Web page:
The key swing state of Ohio is officially a “tossup” capable of going to either President Barack Obama or his Republican challenger Mitt Romney, according to the Washington Post.
The president had previously enjoyed a solid lead in The Buckeye State, but a slew of new polls suggests that the race has tightened over the past month, even as the incumbent retains the slightest of edges.
With the move, there are now 95 electoral votes – including Ohio’s 18 – from eight states in the paper’s “tossup” category. President Obama has 237 electoral votes either solidly in his camp (186) or leaning his way (51). Romney, the former Massachusetts governor, has 206 electoral votes either solidly red (170) or leaning in his direction (36).
The state’s importance is why some groups have pulled out all the stops in an effort to squeeze out a victory. One super PAC has begun running an ad calling on African-Americans to vote against President Obama because Republican Abraham Lincoln freed the slaves.
Cable viewers in several markets across the state are being treated to ads of this kind by an obscure self-described “alternative conservative” super PAC called the Empower Citizens Network. One of the group’s ads accuses Obama and Democrats of imploding the economy by forcing mortgage companies to lend to “unqualified borrowers” while the Soviet national anthem plays. Another promises welfare recipients that “Republicans can save your money source” by reducing regulations on business.
It wasn’t long ago that Obama was considered almost a lock in Ohio, with a high single-digit to low-double-digit edge in the state that is widely considered the swing state of the election. That surprisingly wide margin was attributed to a barrage of television advertising from President Obama, a state economy over-performing the sluggish national one and the sustained popularity of the auto bailout.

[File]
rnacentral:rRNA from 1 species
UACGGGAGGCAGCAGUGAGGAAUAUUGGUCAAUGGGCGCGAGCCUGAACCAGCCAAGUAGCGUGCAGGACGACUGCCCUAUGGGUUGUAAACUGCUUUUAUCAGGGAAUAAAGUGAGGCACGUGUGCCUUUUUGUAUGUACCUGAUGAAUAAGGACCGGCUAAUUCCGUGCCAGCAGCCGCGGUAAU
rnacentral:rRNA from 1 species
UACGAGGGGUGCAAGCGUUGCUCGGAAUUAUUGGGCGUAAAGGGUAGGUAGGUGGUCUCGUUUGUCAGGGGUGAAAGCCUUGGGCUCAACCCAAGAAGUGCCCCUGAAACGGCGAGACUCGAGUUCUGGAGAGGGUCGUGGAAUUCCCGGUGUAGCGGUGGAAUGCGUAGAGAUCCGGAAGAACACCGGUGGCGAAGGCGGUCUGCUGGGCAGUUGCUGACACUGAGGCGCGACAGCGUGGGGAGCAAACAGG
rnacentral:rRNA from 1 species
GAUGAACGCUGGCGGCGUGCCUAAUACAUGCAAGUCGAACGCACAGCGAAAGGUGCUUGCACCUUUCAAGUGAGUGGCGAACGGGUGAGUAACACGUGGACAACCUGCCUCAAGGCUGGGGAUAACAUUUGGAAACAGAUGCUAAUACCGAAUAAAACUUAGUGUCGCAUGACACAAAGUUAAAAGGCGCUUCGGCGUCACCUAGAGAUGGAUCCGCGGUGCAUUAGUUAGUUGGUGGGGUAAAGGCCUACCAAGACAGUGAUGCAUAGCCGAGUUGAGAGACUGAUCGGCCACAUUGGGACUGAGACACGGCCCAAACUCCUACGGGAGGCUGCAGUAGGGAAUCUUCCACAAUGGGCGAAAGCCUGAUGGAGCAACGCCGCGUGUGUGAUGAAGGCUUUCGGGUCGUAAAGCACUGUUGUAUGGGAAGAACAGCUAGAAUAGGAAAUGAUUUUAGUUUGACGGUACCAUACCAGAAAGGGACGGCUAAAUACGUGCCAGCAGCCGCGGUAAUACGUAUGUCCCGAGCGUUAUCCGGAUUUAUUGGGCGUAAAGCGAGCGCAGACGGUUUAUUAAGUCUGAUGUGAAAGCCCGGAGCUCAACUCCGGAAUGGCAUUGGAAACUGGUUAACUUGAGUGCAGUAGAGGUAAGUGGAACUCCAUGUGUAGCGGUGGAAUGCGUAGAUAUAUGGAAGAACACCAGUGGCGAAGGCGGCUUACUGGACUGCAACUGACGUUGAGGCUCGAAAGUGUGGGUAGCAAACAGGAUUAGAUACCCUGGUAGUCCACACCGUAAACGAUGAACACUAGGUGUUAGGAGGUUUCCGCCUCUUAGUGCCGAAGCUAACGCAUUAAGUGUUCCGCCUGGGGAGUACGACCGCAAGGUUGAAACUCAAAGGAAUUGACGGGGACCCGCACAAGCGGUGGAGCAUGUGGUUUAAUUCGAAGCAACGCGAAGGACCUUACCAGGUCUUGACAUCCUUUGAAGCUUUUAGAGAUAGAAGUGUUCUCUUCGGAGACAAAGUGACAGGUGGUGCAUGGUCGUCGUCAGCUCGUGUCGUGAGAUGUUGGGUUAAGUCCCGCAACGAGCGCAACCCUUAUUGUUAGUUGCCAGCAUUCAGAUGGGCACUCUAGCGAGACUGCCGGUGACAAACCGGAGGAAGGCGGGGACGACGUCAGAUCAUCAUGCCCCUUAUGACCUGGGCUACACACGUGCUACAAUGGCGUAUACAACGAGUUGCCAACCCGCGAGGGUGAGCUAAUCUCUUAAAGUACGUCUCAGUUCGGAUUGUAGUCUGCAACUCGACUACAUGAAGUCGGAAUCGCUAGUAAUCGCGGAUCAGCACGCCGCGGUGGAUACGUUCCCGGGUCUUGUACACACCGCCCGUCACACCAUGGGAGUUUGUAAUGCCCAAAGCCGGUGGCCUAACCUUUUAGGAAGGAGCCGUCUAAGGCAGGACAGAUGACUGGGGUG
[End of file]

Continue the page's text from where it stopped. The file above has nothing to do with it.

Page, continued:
What’s changed since then? Well, let’s look at what hasn’t changed first. The state’s unemployment rate remains below the national average, holding at seven percent in September and the auto bailout remains popular, as evidenced by Romney’s weak attempts to muddy the waters the last few days.
What has changed is that Romney’s performance in the first debate in early October bumped him back into contention in the state – as it did in virtually every other swing state, as well as nationally – and the natural partisanship of the state started to assert itself.
The simple fact is that Ohio has been too close for too long to expect that Obama would win it by five points or more. Even the most optimistic pro-Obama types would have acknowledged that a month ago.
In the four presidential elections prior to 2008, Democratic candidates got 9,060,521 total votes in Ohio, as compared to 8,965,170 for the Republican candidates, according to calculations by the Cleveland Plain Dealer. In 2008, despite routing John McCain nationally, Obama carried the state by just 262,224 votes out of more than 5.6 million cast.
No one expects Romney to underperform McCain in the state – both because he is far better funded than the Arizona senator was and the incumbent is far less popular than he was in 2008.
After reviewing all of the available public polling data as well as talking to operatives in both parties about the private polls they are privy to, we are convinced that Ohio is a 1-3 point race in President Obama’s favor at the moment.